Fuel, fertilizer and wages driving up lawn care and landscaping costs
If you’re looking to get some professional work done on your property this summer, such as having a new garden bed put in or even simple grass cutting, expect to pay more for it.
Fuel prices, a big cost for lawn care and landscaping companies, have almost doubled. Nathan MacDonald of Twins Landscaping in Charlottetown said it doesn’t stop there.
“Wages have gone up an average of 20 per cent,” said MacDonald.
“Our repair and maintenance costs have gone up closer to 20 to 25 per cent, and all of our materials — from brick, aggregates such as gravel and river stone, mulch, topsoil, trucking and freight costs, and also fertilizer — all of these costs have gone up 25 to 50 per cent.”
The cost of putting in a garden bed can go up significantly from the time an estimate is provided to the time the work is done. (CBC)
In order to stay in business MacDonald said he is having to pass those costs along to customers.
During the previous 17 years he has been in business, MacDonald said his prices have gone up no more than four per cent. This year he’s charging 25 to 40 per cent more.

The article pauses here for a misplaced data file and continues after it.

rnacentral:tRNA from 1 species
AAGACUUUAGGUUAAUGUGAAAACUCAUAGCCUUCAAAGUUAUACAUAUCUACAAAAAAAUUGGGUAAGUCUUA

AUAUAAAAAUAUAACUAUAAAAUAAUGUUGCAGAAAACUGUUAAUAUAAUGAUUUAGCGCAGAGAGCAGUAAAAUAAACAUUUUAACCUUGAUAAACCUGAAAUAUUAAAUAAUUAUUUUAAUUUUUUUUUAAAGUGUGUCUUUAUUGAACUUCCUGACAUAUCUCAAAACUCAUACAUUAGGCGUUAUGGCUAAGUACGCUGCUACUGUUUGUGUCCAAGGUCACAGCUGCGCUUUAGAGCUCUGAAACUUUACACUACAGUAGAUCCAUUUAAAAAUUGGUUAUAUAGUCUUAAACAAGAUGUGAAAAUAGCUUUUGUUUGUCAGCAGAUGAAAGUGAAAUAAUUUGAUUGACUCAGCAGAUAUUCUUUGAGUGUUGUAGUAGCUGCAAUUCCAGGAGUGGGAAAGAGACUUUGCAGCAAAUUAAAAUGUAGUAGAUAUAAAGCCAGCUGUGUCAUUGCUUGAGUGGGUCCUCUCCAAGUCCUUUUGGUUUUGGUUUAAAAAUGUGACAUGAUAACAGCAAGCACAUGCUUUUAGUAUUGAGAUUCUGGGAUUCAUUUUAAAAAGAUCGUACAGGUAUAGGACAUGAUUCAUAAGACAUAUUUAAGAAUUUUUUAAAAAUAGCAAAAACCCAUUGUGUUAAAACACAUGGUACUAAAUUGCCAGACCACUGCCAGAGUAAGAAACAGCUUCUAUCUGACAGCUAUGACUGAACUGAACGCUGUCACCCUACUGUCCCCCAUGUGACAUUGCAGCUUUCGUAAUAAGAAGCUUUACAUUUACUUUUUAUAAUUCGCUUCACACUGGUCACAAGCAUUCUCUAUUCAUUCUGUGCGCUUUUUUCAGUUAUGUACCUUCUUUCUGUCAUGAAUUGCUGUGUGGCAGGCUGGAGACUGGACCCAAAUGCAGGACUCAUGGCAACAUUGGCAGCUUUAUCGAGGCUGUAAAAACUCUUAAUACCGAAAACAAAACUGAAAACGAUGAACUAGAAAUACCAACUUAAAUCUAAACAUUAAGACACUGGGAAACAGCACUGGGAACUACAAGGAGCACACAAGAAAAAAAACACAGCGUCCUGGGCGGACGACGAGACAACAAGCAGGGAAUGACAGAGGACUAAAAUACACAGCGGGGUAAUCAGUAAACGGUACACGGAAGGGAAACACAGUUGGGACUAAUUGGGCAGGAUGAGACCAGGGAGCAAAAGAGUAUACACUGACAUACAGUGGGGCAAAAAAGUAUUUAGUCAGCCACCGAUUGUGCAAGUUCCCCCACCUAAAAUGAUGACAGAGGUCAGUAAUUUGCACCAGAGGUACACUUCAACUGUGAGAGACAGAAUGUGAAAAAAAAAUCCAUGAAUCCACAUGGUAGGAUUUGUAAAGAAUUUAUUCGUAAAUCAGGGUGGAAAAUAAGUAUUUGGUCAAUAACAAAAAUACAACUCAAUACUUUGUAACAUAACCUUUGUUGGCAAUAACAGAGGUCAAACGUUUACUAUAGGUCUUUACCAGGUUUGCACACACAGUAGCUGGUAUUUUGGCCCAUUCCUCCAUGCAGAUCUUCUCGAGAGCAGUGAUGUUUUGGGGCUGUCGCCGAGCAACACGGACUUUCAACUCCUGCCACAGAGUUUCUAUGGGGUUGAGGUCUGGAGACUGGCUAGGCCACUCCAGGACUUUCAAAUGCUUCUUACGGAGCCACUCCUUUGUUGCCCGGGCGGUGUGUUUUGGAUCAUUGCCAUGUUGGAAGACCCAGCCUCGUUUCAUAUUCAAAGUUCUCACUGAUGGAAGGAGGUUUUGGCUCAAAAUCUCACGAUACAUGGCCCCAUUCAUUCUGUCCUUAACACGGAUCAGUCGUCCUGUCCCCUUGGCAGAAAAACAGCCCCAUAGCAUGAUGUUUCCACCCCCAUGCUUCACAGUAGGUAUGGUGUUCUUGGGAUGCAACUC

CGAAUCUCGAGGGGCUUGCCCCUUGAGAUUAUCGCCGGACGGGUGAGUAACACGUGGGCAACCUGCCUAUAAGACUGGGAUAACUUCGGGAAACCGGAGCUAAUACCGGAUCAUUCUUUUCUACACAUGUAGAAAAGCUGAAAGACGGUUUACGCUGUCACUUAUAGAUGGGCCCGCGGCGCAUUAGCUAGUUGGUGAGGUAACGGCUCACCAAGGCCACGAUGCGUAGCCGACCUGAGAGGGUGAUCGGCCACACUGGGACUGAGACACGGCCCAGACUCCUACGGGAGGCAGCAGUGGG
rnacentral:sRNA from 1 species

‘Either that or not carry on’
Mark Tremere, owner-operator of Lawns and Beyond Landscape Solutions, said he has also put unprecedented price increases in place.
“We did, straight across the board, 10 per cent at least, on all lawn clients,” said Tremere.
“We’ve never done that before. Either that or not carry on.”
Shawn MacFadyen of Bob’s Lawn Care said inflation is so high it can be difficult to keep up with the price increases.
The cost for materials such as brick and river stone is up more than 25%. (The Classic Landscape Company)
“You price a bed that could cost you $1,000 a month ago, at this point now you’re up to 1,200 bucks,” said MacFadyen.
“Everyone’s hurting from it.”
‘We honor the prices that we gave our customers’
Not everyone’s prices have gone up.
David Thompson, owner of Weed Man Maritimes, said their prices were set in the fall.
“We had a lot of customers already on the books before we even got hit with some of those cost increases, or we knew about the full extent of them,” said Thompson.
“We honor the prices that we gave our customers last fall.”
The company is just trying to weather the storm, he said. What that will mean for next season is too early to say.
The lawn care companies said customers have been understanding about how inflation is affecting them.